Temple DPS Ride-Along Program Pairs Students with Campus Police

The program is also open to non-students as Temple's Department of Public Safety seeks to hire more officers amid a national shortage.
Published: May 2, 2024

PHILADELPHIA — Earlier this year, Temple University’s Department of Public Safety (TUDPS) launched a new ride-along initiative, connecting students interested in law enforcement with Temple police to provide a firsthand understanding of the duties of a campus officer.

“It exposes our students to careers in policing and law enforcement,” Jennifer Griffin, who has been Temple’s VP of Public Safety since Aug. 2022, told the Philadelphia Inquirer. “It bridges the gap between students and our police officers. We really wanted to get them into the car so they could experience what a police officer sees and does every day.”

Ride-alongs are about an hour long and require students to sign a waiver and wear a police-issued vest labeled “observer.” The student is then introduced to the officer they will ride with.

Temple student Lucas Burke, who was a volunteer firefighter in high school and joined the National Guard during the pandemic, was the first person to experience a ride-along.

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“I always wanted to go into law enforcement,” Burke said. “So I thought the ride-along would give me a practical look into the routine day of what a police officer looks like.”

During the ride-along, Sergeant Elijah Lewis drove Burke through the main campus before traveling off campus but within the university’s patrol zone, which is about a one-mile radius. Lewis also parked his patrol car and showed Burke the items police officers carry in their vehicles, including a medical bag and riot helmet.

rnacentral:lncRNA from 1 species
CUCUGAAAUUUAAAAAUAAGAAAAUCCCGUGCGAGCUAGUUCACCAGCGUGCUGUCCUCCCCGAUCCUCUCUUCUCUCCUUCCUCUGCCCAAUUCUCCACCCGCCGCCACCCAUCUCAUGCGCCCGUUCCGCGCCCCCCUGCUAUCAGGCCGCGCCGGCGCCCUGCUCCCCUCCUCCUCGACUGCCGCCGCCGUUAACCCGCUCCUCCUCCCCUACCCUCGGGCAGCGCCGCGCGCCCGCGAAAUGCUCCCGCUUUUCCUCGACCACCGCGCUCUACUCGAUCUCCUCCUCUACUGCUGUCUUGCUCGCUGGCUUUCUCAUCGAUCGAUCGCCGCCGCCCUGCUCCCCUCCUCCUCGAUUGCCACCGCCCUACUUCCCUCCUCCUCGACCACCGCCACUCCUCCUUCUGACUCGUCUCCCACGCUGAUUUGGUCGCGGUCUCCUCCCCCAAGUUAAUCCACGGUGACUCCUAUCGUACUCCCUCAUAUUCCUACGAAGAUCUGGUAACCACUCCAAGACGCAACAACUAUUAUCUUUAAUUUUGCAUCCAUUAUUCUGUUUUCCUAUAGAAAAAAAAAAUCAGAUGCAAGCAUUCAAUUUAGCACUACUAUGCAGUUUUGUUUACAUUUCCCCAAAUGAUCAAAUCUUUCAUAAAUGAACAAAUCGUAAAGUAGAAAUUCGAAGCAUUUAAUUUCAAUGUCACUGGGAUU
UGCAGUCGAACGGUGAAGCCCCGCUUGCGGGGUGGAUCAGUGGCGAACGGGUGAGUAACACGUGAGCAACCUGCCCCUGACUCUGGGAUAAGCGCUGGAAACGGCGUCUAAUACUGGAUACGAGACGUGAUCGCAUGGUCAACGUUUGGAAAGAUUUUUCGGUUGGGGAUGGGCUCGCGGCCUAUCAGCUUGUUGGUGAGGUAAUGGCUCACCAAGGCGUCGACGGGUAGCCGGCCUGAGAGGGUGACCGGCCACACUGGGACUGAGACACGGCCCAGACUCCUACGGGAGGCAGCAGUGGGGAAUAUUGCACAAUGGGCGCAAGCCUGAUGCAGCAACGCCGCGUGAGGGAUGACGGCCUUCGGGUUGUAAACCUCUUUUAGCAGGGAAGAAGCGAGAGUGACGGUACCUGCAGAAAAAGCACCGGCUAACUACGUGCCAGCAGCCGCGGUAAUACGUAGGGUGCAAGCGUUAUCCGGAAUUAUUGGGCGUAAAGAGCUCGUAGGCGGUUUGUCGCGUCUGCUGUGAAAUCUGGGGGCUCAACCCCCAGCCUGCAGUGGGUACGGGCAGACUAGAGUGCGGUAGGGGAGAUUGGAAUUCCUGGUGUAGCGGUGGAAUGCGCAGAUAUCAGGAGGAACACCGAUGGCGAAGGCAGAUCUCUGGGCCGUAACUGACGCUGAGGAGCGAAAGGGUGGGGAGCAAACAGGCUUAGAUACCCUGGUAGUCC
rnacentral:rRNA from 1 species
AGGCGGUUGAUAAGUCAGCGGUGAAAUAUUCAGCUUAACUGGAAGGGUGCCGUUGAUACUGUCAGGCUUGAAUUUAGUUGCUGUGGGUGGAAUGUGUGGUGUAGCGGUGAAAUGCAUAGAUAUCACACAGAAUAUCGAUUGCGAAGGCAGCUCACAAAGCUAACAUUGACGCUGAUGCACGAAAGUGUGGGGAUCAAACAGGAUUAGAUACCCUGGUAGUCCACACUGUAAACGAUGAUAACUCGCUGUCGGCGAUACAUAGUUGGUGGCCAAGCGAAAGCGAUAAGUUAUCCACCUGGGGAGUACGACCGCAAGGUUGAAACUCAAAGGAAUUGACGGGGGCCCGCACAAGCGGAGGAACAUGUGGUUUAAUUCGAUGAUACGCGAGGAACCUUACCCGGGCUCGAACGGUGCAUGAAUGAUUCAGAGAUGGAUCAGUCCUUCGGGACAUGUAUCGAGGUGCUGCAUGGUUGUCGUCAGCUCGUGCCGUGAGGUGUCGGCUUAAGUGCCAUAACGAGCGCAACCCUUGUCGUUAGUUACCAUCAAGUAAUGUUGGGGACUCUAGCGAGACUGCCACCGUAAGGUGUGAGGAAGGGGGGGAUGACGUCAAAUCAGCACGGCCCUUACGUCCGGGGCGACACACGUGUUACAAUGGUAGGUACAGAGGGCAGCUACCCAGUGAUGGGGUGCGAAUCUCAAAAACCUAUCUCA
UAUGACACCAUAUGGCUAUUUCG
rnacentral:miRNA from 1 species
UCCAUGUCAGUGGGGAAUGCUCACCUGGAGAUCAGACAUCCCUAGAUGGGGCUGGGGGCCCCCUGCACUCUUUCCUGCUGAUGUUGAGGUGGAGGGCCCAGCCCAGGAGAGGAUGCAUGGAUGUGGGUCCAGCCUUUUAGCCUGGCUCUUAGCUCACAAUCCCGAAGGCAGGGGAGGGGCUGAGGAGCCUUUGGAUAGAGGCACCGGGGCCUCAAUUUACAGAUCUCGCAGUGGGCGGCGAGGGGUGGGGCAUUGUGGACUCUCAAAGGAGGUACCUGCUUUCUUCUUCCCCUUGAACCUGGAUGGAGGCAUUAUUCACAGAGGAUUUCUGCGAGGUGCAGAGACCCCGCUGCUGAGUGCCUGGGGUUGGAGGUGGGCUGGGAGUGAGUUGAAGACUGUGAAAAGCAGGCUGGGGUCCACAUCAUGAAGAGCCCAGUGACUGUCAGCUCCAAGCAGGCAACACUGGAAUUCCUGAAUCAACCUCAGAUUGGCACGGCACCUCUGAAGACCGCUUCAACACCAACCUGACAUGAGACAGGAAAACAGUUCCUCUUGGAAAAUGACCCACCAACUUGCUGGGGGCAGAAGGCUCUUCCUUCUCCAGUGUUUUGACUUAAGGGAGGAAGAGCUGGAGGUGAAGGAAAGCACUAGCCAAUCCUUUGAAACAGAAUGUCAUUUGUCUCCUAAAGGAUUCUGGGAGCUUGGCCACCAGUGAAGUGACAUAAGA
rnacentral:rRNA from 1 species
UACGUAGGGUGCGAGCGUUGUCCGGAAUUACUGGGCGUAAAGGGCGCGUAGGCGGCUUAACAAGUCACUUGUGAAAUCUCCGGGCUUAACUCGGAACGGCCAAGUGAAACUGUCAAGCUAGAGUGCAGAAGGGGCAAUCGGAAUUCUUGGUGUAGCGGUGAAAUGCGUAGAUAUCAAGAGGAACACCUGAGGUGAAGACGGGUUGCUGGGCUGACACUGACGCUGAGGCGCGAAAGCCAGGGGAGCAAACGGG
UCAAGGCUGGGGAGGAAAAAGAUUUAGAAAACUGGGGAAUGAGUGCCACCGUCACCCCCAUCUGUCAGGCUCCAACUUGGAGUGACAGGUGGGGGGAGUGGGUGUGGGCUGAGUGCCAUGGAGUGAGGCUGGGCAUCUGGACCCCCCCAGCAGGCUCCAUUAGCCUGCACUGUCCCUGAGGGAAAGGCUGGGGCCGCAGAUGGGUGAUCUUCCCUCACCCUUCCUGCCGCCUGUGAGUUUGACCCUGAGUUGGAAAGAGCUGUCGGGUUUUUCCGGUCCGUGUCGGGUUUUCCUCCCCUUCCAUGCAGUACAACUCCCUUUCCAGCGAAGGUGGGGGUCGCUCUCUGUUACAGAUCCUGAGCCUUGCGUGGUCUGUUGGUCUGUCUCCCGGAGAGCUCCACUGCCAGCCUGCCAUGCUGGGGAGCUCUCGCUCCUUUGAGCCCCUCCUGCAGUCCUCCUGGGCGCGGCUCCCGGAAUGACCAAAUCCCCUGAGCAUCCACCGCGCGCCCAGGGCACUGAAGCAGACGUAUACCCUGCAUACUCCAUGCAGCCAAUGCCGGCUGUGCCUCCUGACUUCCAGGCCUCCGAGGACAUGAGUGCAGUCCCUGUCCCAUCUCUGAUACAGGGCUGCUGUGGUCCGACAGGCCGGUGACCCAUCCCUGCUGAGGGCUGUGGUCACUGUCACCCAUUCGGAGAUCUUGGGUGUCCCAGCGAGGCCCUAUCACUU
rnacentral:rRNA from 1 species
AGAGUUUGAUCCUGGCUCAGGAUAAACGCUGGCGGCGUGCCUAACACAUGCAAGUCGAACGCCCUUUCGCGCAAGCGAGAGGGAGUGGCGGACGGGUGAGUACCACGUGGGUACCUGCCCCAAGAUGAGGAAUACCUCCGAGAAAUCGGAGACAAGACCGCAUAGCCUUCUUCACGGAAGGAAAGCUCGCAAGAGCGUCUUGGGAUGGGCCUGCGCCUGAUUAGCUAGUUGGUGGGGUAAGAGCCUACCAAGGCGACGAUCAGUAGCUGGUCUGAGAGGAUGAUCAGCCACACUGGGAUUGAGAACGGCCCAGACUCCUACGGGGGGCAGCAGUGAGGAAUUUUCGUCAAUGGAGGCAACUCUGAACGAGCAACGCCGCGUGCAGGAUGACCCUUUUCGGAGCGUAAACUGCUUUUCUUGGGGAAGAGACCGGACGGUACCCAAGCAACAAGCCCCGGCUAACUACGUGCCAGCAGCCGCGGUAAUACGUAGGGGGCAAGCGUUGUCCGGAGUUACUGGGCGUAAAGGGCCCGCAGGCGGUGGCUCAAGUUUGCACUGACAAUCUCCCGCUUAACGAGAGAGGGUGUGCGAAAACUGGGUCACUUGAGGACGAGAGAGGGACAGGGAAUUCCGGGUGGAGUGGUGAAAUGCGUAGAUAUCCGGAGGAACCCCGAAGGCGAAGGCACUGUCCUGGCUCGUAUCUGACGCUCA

Temple Recruitment Tactics

The program is also open to non-students as TUDPS seeks to hire more officers amid a national shortage. In a 2022 survey, two-thirds of law enforcement professionals said police recruitment and retention is law enforcement’s largest issue.

TUDPS has 81 sworn officers, down 101 from last year. To attract more officers, TUDPS increased the starting salary of officers to $70,969 following a probationary period. They also receive a $2,000 signing bonus after their first year.

On average, TUCDP officers handle about one to 1.5 calls an hour across all three campuses, according to Temple Now. The department also works with the Philadelphia Police Department to prove supplemental patrols from 4 p.m. to 12 p.m.

“What this means is TUPD Police Officers are given more time to provide more community engagement,” said Griffin. “That makes working at TUDPS very unique. There is a balance between handling calls for service and having the time to deeply engage with the community.”

Temple is also in the process of developing a program for students working towards their master’s in social work to “co-respond” to calls with police when appropriate.

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